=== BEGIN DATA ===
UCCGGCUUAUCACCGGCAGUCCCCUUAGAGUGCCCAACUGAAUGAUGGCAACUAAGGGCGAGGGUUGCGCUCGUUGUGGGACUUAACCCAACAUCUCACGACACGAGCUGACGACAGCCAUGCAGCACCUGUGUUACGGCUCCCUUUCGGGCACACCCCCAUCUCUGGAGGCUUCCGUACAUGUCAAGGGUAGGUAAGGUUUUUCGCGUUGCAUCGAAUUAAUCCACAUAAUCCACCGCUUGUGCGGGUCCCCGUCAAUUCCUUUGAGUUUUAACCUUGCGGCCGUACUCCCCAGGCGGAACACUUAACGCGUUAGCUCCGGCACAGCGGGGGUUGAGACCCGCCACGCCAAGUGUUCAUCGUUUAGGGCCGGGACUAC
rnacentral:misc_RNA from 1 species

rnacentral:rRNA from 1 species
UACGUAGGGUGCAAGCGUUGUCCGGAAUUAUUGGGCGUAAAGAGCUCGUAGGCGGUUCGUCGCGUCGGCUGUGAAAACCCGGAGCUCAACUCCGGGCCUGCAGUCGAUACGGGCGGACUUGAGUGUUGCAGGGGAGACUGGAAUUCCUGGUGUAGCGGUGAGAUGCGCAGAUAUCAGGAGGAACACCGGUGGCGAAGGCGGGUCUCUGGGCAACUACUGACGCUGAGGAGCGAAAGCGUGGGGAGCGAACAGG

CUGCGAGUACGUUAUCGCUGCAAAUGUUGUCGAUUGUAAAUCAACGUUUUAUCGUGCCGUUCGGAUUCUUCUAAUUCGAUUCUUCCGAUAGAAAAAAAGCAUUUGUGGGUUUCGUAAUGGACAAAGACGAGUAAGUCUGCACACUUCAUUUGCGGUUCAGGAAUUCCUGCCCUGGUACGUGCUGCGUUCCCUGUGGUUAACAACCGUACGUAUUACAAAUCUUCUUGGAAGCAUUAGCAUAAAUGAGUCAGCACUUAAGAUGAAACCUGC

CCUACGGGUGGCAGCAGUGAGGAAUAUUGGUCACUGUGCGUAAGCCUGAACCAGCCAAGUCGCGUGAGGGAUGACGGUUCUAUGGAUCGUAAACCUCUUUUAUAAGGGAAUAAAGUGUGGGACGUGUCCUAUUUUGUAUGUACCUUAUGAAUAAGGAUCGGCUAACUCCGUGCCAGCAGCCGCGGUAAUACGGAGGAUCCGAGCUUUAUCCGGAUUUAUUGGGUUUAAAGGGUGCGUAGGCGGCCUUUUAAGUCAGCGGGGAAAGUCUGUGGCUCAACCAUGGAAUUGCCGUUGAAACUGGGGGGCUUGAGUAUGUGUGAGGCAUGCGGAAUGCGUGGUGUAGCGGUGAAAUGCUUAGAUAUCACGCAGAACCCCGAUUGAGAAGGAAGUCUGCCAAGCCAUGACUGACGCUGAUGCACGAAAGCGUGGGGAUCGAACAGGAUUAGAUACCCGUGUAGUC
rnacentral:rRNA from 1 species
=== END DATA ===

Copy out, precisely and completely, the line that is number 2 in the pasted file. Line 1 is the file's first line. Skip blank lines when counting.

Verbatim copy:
rnacentral:misc_RNA from 1 species